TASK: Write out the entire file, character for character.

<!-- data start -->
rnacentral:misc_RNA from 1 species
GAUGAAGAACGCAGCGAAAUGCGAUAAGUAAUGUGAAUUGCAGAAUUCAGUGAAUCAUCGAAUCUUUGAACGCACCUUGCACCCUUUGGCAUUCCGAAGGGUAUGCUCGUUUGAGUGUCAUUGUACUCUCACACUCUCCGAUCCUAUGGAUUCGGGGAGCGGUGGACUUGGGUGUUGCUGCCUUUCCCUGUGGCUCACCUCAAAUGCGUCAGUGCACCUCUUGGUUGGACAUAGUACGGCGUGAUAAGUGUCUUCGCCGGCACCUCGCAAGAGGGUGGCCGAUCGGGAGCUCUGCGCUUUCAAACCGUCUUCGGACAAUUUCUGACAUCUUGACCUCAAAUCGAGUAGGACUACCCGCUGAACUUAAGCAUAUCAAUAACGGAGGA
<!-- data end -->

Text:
rnacentral:misc_RNA from 1 species
GAUGAAGAACGCAGCGAAAUGCGAUAAGUAAUGUGAAUUGCAGAAUUCAGUGAAUCAUCGAAUCUUUGAACGCACCUUGCACCCUUUGGCAUUCCGAAGGGUAUGCUCGUUUGAGUGUCAUUGUACUCUCACACUCUCCGAUCCUAUGGAUUCGGGGAGCGGUGGACUUGGGUGUUGCUGCCUUUCCCUGUGGCUCACCUCAAAUGCGUCAGUGCACCUCUUGGUUGGACAUAGUACGGCGUGAUAAGUGUCUUCGCCGGCACCUCGCAAGAGGGUGGCCGAUCGGGAGCUCUGCGCUUUCAAACCGUCUUCGGACAAUUUCUGACAUCUUGACCUCAAAUCGAGUAGGACUACCCGCUGAACUUAAGCAUAUCAAUAACGGAGGA